Four Questions With Beyond Race Founder and Editor Dave Terra

santo_final.180.jpgIn the summer of 2006, Beyond Race hit the streets of New York with a print run of 5,000 copies on black and white newsprint. The publication, dedicated to groundbreaking music and culture, was an ambitious start-up founded by Dave Terra and a few other hardy souls. Three years later, BRM continues to chug along. The road hasn’t been easy — since its inception, BRM had undergone numerous transformations, including three logo changes, two re-designs, and a few paper and cover stock upgrades — but it’s currently a 100+ page full color book with a print run of 75,000 that can be found in stores including Barnes & Noble, Borders, 7-11, Virgin Mega Store, Follett University bookstores. Terra spoke with about the difficulties of starting a magazine, the effect of a worsening economy and all the “beautiful people” who helped out along the way.

[Full disclosure: We wrote articles for the first couple of issues and helped out where we could along the way. But we are truly terrible at selling ads, so that didn’t last very long.]

What was the most surprisingly difficult thing about starting a magazine from scratch?
I’m not sure how “surprising” it is and this is probably something that is relevant for most start-up businesses, but I would say the most difficult part of starting a magazine is the amount of work required and the number of people who don’t follow through on their word or just flat out don’t support you. The idea of being part of an independent magazine that offers a platform for free thinking and stories outside the traditional realm of mainstream media is appealing to a lot of people. I’ve come across so many people who love the “idea” or “concept” of Beyond Race and talk about how they want to be involved, but when push comes to shove, there’s no follow-through. There’s also been a number of people, places and/or institutions that you think would really champion the magazine, but for whatever reasons, they turn out to be adversaries instead of friends.

But for every flake or hater, there’s been a number of beautiful people whose work and efforts have allowed BRM to be everything that it is today. As far as the work, when you’re starting any project from scratch, you have to expect to be the person that picks up the slack when other people don’t follow through, which translates into many sleepless nights.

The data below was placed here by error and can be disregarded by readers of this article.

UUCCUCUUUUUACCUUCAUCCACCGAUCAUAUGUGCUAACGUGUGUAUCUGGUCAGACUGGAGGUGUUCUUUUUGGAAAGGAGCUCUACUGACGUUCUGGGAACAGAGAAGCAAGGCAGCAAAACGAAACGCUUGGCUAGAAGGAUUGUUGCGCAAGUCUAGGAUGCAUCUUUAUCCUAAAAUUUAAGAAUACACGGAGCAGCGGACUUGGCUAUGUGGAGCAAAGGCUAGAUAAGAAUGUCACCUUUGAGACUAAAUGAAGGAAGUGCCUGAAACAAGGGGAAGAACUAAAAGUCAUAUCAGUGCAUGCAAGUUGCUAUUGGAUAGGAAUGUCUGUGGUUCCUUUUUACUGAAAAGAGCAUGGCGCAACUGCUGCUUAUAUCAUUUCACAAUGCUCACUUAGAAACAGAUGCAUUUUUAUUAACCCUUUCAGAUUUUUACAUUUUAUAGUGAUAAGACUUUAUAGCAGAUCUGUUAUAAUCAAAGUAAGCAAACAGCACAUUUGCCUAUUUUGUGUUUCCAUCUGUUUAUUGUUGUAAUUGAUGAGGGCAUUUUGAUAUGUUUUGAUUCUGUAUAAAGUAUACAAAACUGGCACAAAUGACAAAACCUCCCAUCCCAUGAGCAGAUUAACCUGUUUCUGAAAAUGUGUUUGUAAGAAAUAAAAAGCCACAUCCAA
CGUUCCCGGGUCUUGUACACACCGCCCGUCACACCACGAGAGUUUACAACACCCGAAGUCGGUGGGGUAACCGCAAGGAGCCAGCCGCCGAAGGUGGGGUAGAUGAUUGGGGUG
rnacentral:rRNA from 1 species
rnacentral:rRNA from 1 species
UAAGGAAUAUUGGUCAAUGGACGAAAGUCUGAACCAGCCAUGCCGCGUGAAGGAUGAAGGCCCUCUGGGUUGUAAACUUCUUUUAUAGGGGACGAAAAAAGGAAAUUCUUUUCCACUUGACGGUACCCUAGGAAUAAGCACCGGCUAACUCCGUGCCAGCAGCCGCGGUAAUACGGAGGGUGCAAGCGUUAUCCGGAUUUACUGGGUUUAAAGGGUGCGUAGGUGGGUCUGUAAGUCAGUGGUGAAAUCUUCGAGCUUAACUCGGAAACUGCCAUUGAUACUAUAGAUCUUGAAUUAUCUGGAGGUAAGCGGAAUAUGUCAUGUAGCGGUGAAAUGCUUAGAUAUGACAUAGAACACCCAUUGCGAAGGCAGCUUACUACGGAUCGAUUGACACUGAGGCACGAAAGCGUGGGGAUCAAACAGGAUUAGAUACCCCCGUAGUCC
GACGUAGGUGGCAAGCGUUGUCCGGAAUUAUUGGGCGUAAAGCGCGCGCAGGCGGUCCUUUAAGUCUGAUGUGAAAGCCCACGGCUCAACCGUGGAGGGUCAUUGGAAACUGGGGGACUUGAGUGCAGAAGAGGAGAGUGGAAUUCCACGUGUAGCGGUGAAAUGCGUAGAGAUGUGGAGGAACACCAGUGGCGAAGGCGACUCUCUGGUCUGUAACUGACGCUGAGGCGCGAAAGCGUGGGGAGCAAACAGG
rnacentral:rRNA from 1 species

franti_final180.jpgObviously, this is a difficult time for advertising revenue. Have you felt this at Beyond Race?
Yeah, definitely, but not as much as more established publications. Whereas I think some other magazines started to see a decline in revenue, we’ve been struggling since day one and operating on shoestring budgets, so in a way, we haven’t really felt the effects as much as some mags that have enjoyed success over the past 10- to 20-plus years. We’re still very much at the stage where we’re finally getting people to notice us. Record labels are hurting and as the music industry switches to digital, so the labels have been scaling back if not all together eliminating their support of print publications, which has already been seen by the folding of other music pubs in the past year. However, I think corporations are spending as much as ever, so it’s just a matter of adjusting your marketing plans to include more integrated packages involving events and multimedia.

If you were to do this all again, what do you wish you had
done differently?

Beyond Race was originally started as a local magazine on newsprint distributed for free in New York City. That kind of pigeonholed us in some people’s eyes and it took some time for us to shed that image as we evolved into one of the hottest and freshest looking mags on the shelve. The growth of the magazine was very organic and eventually it became clear that “Beyond Race” was a global concept that in order to be successful was going to need to be worldwide. So, if I had to do it all again, I would have set the magazine up as an International publication from the start on high quality paper with a top notch designer.

Where is Beyond Race in 18 months? Is it still a print pub?
Hopefully, Beyond Race will continue its growth in circulation internationally and be on as many relevant newstands as possible across the world. In addition to print, we’re consistently working on evolving our Web site which we update daily into a viable source for entertainment and news coverage. The site is constantly improving in Web ranking as our numbers for unique visitors and hits increase. As we get more established, we have to continue to work harder to stay innovative enough to keep our audience growing. We’re working hard to continue strengthening the multi-media brand, from radio podcasts to Internet video clips. We’re also in the beginning stages of putting together a television show and producing DVDs. So basically, in 18 months, BRM will still be a vital print pub on it’s way to world domination!